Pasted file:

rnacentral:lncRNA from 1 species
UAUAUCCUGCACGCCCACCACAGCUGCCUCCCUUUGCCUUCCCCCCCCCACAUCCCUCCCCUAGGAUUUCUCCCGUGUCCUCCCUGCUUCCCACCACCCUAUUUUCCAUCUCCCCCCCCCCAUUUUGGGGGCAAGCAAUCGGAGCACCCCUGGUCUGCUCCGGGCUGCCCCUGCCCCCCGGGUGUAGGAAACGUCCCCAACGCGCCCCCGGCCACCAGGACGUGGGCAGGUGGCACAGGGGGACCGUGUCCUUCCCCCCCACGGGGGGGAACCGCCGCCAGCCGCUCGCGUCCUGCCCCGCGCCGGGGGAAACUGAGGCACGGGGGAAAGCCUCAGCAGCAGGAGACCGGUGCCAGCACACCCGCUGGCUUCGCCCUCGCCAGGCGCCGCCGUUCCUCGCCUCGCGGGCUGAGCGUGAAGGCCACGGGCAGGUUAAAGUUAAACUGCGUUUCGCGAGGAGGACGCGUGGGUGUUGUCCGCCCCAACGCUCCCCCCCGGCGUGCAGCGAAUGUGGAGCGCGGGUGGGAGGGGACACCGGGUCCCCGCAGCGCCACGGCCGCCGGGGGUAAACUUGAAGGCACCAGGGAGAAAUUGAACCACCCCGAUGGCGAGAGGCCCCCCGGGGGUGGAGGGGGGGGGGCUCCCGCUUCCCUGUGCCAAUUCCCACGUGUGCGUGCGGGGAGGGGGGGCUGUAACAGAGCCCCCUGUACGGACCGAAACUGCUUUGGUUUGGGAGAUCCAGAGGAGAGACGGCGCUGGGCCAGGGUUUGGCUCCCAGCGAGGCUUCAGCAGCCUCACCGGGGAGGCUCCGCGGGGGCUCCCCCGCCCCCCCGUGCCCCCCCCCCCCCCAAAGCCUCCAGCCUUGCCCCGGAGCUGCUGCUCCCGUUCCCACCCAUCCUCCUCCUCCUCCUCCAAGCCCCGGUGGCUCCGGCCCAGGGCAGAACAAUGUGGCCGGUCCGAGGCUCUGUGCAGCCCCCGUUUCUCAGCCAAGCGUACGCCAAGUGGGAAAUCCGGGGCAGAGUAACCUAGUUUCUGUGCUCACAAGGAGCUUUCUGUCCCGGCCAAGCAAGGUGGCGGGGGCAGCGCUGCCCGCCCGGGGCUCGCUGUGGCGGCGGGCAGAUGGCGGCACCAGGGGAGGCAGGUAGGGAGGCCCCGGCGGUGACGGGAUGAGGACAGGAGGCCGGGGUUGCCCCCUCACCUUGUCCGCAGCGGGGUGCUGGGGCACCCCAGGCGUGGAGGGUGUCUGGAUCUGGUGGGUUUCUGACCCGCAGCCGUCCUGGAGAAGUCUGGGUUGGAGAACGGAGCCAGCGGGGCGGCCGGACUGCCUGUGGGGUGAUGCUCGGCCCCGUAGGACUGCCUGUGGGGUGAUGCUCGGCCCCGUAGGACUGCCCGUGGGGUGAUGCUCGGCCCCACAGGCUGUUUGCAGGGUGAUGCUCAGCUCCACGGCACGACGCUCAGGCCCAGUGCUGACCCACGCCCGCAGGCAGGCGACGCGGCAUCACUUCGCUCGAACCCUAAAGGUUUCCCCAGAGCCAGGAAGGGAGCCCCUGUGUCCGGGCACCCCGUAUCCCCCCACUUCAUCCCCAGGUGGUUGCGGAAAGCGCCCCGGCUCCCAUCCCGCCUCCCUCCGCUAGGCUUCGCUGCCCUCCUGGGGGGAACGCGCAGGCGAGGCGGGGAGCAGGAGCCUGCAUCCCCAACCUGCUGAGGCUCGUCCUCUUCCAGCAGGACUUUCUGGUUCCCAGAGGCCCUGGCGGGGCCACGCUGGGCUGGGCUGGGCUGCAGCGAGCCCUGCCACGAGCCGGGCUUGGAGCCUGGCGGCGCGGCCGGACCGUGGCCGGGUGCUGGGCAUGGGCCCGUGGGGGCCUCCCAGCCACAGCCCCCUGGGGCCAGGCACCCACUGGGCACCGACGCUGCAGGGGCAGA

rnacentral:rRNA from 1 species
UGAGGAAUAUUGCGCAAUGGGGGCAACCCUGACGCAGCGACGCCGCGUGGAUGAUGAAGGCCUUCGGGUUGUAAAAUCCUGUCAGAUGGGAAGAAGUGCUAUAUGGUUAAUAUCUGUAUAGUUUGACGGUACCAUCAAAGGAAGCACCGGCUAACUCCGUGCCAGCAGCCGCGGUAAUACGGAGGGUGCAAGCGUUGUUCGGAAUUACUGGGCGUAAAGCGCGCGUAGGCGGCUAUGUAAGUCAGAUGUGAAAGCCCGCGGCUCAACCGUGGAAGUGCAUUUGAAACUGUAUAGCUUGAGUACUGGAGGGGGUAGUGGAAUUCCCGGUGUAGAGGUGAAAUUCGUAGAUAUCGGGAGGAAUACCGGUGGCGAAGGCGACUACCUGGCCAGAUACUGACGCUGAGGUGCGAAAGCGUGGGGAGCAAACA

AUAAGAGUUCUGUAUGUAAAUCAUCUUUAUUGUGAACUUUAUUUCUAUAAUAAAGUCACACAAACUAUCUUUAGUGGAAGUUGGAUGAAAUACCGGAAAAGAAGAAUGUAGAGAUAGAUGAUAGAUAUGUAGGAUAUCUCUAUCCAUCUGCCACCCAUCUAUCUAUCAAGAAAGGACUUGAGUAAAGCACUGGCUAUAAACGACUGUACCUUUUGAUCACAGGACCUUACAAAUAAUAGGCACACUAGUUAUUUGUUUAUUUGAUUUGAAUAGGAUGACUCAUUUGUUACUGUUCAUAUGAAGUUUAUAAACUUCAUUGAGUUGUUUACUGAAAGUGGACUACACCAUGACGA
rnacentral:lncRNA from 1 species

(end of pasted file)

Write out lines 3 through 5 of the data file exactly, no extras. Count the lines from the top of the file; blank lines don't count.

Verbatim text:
rnacentral:rRNA from 1 species
UGAGGAAUAUUGCGCAAUGGGGGCAACCCUGACGCAGCGACGCCGCGUGGAUGAUGAAGGCCUUCGGGUUGUAAAAUCCUGUCAGAUGGGAAGAAGUGCUAUAUGGUUAAUAUCUGUAUAGUUUGACGGUACCAUCAAAGGAAGCACCGGCUAACUCCGUGCCAGCAGCCGCGGUAAUACGGAGGGUGCAAGCGUUGUUCGGAAUUACUGGGCGUAAAGCGCGCGUAGGCGGCUAUGUAAGUCAGAUGUGAAAGCCCGCGGCUCAACCGUGGAAGUGCAUUUGAAACUGUAUAGCUUGAGUACUGGAGGGGGUAGUGGAAUUCCCGGUGUAGAGGUGAAAUUCGUAGAUAUCGGGAGGAAUACCGGUGGCGAAGGCGACUACCUGGCCAGAUACUGACGCUGAGGUGCGAAAGCGUGGGGAGCAAACA

AUAAGAGUUCUGUAUGUAAAUCAUCUUUAUUGUGAACUUUAUUUCUAUAAUAAAGUCACACAAACUAUCUUUAGUGGAAGUUGGAUGAAAUACCGGAAAAGAAGAAUGUAGAGAUAGAUGAUAGAUAUGUAGGAUAUCUCUAUCCAUCUGCCACCCAUCUAUCUAUCAAGAAAGGACUUGAGUAAAGCACUGGCUAUAAACGACUGUACCUUUUGAUCACAGGACCUUACAAAUAAUAGGCACACUAGUUAUUUGUUUAUUUGAUUUGAAUAGGAUGACUCAUUUGUUACUGUUCAUAUGAAGUUUAUAAACUUCAUUGAGUUGUUUACUGAAAGUGGACUACACCAUGACGA